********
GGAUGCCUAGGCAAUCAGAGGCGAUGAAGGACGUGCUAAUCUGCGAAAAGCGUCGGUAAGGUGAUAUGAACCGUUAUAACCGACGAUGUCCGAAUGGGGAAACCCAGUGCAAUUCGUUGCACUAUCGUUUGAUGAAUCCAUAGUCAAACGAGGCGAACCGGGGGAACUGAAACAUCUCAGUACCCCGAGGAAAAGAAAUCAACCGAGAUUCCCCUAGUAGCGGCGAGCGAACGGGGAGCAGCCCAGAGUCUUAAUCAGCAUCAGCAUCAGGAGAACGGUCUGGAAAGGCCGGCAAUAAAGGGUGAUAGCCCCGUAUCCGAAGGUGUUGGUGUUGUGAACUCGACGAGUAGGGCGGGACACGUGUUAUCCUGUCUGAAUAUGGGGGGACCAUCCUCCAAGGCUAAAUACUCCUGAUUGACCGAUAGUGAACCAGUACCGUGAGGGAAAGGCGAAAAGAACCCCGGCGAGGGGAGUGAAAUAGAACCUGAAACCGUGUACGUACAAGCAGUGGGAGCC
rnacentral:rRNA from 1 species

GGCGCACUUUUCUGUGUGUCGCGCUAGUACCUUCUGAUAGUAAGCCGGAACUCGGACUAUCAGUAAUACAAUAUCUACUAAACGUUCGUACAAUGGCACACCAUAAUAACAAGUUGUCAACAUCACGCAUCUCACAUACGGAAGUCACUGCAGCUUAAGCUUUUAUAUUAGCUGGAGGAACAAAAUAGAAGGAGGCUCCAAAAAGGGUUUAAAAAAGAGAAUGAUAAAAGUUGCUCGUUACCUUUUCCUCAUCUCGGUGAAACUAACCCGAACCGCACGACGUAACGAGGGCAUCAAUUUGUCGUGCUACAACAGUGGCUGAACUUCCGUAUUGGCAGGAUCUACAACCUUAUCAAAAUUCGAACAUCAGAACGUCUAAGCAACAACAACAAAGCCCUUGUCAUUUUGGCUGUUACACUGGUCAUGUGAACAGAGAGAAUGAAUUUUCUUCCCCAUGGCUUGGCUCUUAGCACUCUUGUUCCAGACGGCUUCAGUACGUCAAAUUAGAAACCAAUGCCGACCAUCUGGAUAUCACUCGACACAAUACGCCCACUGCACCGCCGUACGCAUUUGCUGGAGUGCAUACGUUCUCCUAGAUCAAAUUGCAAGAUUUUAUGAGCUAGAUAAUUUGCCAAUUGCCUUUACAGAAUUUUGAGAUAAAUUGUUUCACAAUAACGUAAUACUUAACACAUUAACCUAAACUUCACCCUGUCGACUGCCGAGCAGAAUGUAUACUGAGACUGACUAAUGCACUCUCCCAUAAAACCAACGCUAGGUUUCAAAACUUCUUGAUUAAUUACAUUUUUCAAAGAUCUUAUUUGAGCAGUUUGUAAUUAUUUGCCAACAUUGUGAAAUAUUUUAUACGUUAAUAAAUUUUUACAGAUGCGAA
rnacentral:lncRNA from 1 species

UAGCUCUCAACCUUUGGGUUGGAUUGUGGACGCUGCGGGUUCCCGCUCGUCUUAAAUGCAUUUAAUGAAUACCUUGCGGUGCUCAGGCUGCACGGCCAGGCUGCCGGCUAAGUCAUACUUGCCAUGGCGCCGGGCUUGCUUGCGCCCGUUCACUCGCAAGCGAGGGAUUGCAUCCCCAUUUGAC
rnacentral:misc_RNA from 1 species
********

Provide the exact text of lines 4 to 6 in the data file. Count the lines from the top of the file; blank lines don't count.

rnacentral:lncRNA from 1 species

UAGCUCUCAACCUUUGGGUUGGAUUGUGGACGCUGCGGGUUCCCGCUCGUCUUAAAUGCAUUUAAUGAAUACCUUGCGGUGCUCAGGCUGCACGGCCAGGCUGCCGGCUAAGUCAUACUUGCCAUGGCGCCGGGCUUGCUUGCGCCCGUUCACUCGCAAGCGAGGGAUUGCAUCCCCAUUUGAC
rnacentral:misc_RNA from 1 species